Britta Augsburg , Institute for Fiscal Studies (IFS)
The presentation will cover the set-up and findings from a randomized field experiment in rural Mongolia which aimed to assess the poverty impacts of a joint-liability microcredit program targeted at women. We find a positive impact of access to group loans on female entrepreneurship and household food consumption but not on total working hours or income in the household. A simultaneously introduced individual-liability microcredit program delivers no significant poverty impacts. We present our first ideas around a potential mechanism that might be driving these differential impacts. We set-up a theoretical model which explores the hypothesis that joint liability schemes allow women to mutually insure each other against adverse business outcomes and provide supporting empirical evidence.
About the speaker
Britta is a Senior Research Economist at the Centre for Evaluation of Development Policies (EDePo) at the Institute for Fiscal Studies (IFS) in London, UK. She joined the IFS in 2009, after completing her PhD from the University of Maastricht (Graduate School of Governance). She is now working on generating rigorous evidence on the effectiveness of development policies and programs. Her work aims to understand the effectiveness of programs and policies that tackle constraints to productivity of poverty affected individuals and households, with a particular focus on credit and technology adoption constraints. At present, her main project portfolios focus on microfinance as well as on sanitation technology.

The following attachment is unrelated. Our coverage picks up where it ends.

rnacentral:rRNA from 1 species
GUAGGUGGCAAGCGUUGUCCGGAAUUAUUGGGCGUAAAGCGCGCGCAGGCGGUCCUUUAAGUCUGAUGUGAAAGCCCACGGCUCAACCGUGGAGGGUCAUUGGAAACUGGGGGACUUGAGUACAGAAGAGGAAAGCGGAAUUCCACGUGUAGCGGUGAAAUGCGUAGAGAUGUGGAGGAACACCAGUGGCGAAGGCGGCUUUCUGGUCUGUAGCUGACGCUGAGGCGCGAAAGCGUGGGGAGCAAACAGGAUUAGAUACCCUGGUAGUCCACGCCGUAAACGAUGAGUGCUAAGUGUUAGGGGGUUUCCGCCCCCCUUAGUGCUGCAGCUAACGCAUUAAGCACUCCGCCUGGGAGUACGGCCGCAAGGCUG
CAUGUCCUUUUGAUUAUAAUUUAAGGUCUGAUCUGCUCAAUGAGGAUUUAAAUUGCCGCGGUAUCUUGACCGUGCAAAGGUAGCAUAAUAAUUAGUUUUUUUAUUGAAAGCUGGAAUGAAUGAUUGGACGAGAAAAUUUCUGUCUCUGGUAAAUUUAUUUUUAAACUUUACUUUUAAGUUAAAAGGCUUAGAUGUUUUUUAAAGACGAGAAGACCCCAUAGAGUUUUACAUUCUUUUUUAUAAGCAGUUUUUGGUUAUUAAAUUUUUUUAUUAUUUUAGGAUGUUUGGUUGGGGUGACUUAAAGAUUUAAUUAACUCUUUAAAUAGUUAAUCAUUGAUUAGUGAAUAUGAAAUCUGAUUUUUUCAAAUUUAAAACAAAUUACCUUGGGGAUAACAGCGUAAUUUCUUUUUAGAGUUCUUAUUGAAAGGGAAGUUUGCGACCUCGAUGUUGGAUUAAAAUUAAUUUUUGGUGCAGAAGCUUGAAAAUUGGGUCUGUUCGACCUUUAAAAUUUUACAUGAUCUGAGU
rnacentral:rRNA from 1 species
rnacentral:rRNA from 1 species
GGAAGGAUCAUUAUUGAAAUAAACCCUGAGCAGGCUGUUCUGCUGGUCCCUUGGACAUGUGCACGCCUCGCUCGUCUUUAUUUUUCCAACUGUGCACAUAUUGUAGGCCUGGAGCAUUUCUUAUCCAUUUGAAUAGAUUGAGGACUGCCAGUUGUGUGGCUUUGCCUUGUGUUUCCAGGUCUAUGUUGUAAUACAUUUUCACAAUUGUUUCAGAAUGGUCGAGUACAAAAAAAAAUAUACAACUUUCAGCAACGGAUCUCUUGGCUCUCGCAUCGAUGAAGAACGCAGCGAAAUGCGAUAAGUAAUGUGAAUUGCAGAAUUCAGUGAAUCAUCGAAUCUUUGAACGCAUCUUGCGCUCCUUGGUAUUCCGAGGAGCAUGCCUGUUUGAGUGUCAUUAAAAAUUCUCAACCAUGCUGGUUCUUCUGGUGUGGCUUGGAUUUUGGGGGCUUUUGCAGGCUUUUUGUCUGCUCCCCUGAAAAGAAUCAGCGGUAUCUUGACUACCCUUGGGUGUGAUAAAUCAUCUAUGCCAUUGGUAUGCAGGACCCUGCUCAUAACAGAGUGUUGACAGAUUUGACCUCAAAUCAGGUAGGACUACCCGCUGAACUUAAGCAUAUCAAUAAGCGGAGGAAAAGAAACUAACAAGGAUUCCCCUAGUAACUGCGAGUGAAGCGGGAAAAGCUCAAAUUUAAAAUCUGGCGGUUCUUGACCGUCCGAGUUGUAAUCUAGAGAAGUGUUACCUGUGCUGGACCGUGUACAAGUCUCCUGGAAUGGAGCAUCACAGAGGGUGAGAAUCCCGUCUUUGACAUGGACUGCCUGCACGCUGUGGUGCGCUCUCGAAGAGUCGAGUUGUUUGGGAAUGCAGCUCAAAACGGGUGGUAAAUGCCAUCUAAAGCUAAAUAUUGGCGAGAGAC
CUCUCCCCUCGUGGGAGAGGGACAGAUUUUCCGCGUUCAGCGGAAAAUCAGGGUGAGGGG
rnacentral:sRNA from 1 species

Venue: Conference room
Date: 19 March 2015
Time: 13:00 - 14:00